But it wasn't just the world that was different. The Burning Crusade took the game we'd been playing for a little over two years and tweaked it with small improvements that affect the way we play the game even today. It pioneered the definition of what an expansion was, in the WoW universe, and paved the way for the expansions to follow. The Burning Crusade still ranks high on many players' favorite expansion lists, including my own. Finding five reasons to love it? That's a complete walk in the park. Picking just five to show you ... that's a little harder!
Imagine a World of Warcraft in which the fastest mount you could ever obtain was the 100% ground variety. The skies above remained just that -- above. The only way you could fly in the game was via flight paths that took you on carefully directed flights over the scenic landscape. Soaring through the skies of our own volition was something that was utterly unobtainable, and we were never meant to take flight in them. It wasn't possible. The way Azeroth was constructed in 2004 took a lot of shortcuts with the art of landscape design, creating the illusion of a lush, three-dimensional world -- but flying over that world would reveal those shortcuts and allow players to fly through the map in some areas.
Enter The Burning Crusade. Since Outland was an entirely different world, nowhere on Azeroth proper, it could be built from the ground up in an entirely different fashion -- one that avoided the graphical pitfalls of Azeroth, constructed in a seamless, three-dimensional fashion ... one that would allow our characters, at last, to take to the skies and fly uninhibited by predirected paths, free to soar to our heart's content through Outland's compelling, entrancing skyboxes.
Needless to say, it changed the way we look at the world forever. Players had to reach level 70 before they could fly, so there was plenty of time to walk Outland's paths, admiring those upper vistas just out of reach. And when players hit level 70, they could mount up and reach all those places they'd only admired from afar.
4. Heroics and raids
Heroic dungeons simply did not exist until The Burning Crusade. These dungeons offered a slightly more difficult experience with the promise of greater rewards. Well ... it was supposed to be slightly, but the first iteration of heroic dungeons was so mind-meltingly difficult that it was nerfed relatively quickly into something players could enjoy. Enjoy without swearing a blue streak at the rapidly respawning trash that they needed to clear after the first wipe to a new and incredibly difficult boss.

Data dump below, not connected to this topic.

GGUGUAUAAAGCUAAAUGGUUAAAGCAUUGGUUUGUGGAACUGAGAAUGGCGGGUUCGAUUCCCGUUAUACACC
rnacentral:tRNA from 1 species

Despite that, what heroics offered was something that we hadn't seen before -- accessibility, real accessibility to endgame content and gear that didn't involve raiding. Prior to The Burning Crusade, the only purple gear you'd find was either available through a mind-numbing PVP grind, a complicated quest chain, raiding, or if you were extraordinarily lucky, an ultra-rare world drop. The amount of epics available outside raiding was slim, and if you didn't raid, it wasn't terribly likely you'd ever see your character decked out in purples, much less have a lot of options for content once you hit level 70.
In addition, The Burning Crusade saw the introduction of smaller raids. Gone were the days of 40-man behemoth guilds. Instead, raids were separated into 10- and 25-man content. It was a rough change for many guilds, but it put an end to the struggle to recruit and the hassle of trying to keep 40 players entertained and focused on one task. And for those who didn't have the time to try and recruit 40 people in classic, the option to simply find nine other players and try out raid content was a much easier alternative.
3. Daily quests
I know what you're thinking. You're thinking I'm crazy. But in classic WoW, once you finished questing to level 60, you were pretty much done with quests. There was nothing left to do. Either you joined a 40-man raiding team, you tried your hand with the PVP system, or you ran the same dungeons over and over to collect your dungeon set. If the latter, once that set was complete, there was nothing to do. More importantly, once you completed quests, there was absolutely no way to make gold in game other than the small amount you got from killing random mobs or trying to sell items on the Auction House.
Heroic dungeons were half of the solution to that dilemma; the other half was daily quests. Suddenly, there was a reason to log on every day -- and there was a much easier alternative to making gold for those who didn't want to step into the Auction House and try their hand at selling items. In classic WoW, level 60 meant that you were at a perpetual state of being completely broke -- even raiders, especially raiders, because they had to pay for mass quantities of consumables and monstrous repair bills every evening they spent raiding. This gave all players an easy access to daily gold that helped mitigate the sting of repair bills and allowed the economy to flourish.